48. 48.

    Yoon S-H, Ha S-M, Kwon S, Lim J, Kim Y, Seo H, Chun J. Introducing EzBioCloud: a taxonomically united database of 16S rRNA gene sequences and whole-genome assemblies. Int J Syst Evol Microbiol. 2017;67:1613–7.

  49. 49.

    Kwasny SM, Opperman TJ. Static biofilm cultures of Gram-positive pathogens grown in a microtiter format used for anti-biofilm drug discovery. Current protocols in pharmacology / editorial board, SJ Enna (editor-in-chief). 2010, 50:13A.18.11-13A.18.23.

  50. 50.

    Blom J, Kreis J, Spänig S, Juhre T, Bertelli C, Ernst C, Goesmann A. EDGAR 2.0: An enhanced software platform for comparative gene content analyses. Nucleic Acids Res. 2016; doi:10.1093/nar/gkw255.

  51. 51.

    Edgar RC. MUSCLE: multiple sequence alignment with high accuracy and high throughput. Nucleic Acids Res. 2004;32:1792–7.

  52. 52.

    Felsenstein J. PHYLIP - phylogeny inference package (version 3.2). Cladistics. 1989;5:164–6.

Download references

Acknowledgements

We acknowledge Dr. Jiannong Xu at the New Mexico State University for the provision of E. anophelis Ag1.

Funding

This project was funded by NIH grant R37 AI21884.

Author information

SC assembled the genome sequence, analyzed the genome data in public databases for genes of interest and wrote the manuscript. MS performed the experiments and acquired the data. FD wrote and revised the manuscript. EW analyzed the data and wrote the manuscript. All authors read approved final the manuscript.

Correspondence to Shicheng Chen.

Ethics declarations

Competing interests

The authors declare that they have no competing interests.

Publisher’s Note

Springer Nature remains neutral with regard to jurisdictional claims in published maps and institutional affiliations.

Additional files

Additional file 1: Figure S1.

Phylogenetic tree of the Elizabethkingia genus. The core genome computed by EDGAR 2.0 [50] was extracted to infer a phylogeny for the 18 Elizabethkingia genomes. The amino acid sequences of the core genome were aligned using MUSCLE v3.8.31 [51], and then used to construct a phylogenetic tree using the neighbor-joining method as implemented in the PHYLIP package [52]. The accession numbers for genome sequences are listed in the parenthesis following selected bacteria: E. anophelis R26T (NZ_ANIW01000066), E. anophelis Ag1 (AHHG00000000), E. endophytica CSID 3000516978 (NZ_MAHJ01000016), E. endophytica F3201 (NZ_MAHU01000055), E. endophytica JM-87T (NZ_CP016372), E. anophelis NUHP1 (NZ_CP007547), E. anophelis CSID 3015183678 (NZ_CP014805), E. anophelis FMS007 (NZ_CP006576), E. miricola BM10T (NZ_CP011059), E. miricola CSID_3000517120 (NZ_MAGX01000009), E. miricola GTC862 (NZ_LSGQ01000033), E. meningoseptica ATCC 13253T (NZ_ASAN01000115), E. meningoseptica G4076 (NZ_CP016376), E. meningoseptica CSID_3000515919 (NZ_MAGZ01000024), E. meningoseptica EM1 (NZ_MCJH01000010), E. meningoseptica EM3 (NZ_MDTY01000011), E. meningoseptica EM2 (NZ_MDTZ01000014), E. meningoseptica G4120 (NZ_CP016378), Riemerella anatipestifer ATCC 11845T (NC_017045). (PDF 172 kb)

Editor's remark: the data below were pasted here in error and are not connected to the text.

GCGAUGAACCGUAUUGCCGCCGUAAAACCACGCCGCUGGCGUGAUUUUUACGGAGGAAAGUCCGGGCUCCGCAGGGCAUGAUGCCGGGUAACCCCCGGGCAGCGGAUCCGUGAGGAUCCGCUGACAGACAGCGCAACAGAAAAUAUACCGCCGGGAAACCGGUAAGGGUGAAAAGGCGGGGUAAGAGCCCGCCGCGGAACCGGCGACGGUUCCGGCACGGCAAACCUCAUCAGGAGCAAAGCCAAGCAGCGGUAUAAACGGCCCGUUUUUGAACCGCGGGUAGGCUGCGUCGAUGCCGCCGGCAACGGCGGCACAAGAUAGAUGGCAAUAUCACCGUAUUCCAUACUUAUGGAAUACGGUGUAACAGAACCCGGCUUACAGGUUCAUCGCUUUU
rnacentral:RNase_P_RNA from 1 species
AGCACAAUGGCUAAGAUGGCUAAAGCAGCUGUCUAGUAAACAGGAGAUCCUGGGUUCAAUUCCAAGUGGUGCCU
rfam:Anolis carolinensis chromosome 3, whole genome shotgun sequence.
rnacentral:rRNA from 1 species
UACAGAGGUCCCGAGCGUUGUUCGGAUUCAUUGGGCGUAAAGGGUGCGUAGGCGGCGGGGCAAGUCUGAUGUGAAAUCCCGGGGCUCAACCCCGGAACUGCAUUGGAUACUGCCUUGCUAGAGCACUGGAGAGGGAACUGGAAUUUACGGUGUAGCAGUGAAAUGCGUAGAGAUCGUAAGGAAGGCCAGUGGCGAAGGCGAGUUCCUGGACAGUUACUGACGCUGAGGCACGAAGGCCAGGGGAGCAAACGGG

Additional file 2: Table S1.

Genome features for the selected Elizabethkingia. Seven genomes from E. meningoseptica were provided for comparison of size, gene count, CRISPR, GC and coding count. (XLS 21 kb)

Rights and permissions

Open Access This article is distributed under the terms of the Creative Commons Attribution 4.0 International License (http://creativecommons.org/licenses/by/4.0/), which permits unrestricted use, distribution, and reproduction in any medium, provided you give appropriate credit to the original author(s) and the source, provide a link to the Creative Commons license, and indicate if changes were made. The Creative Commons Public Domain Dedication waiver (http://creativecommons.org/publicdomain/zero/1.0/) applies to the data made available in this article, unless otherwise stated.

Reprints and Permissions

About this article

Verify currency and authenticity via CrossMark

Keywords

  • Draft genome
  • Infections
  • Elizabethkingia meningoseptica
  • Human isolate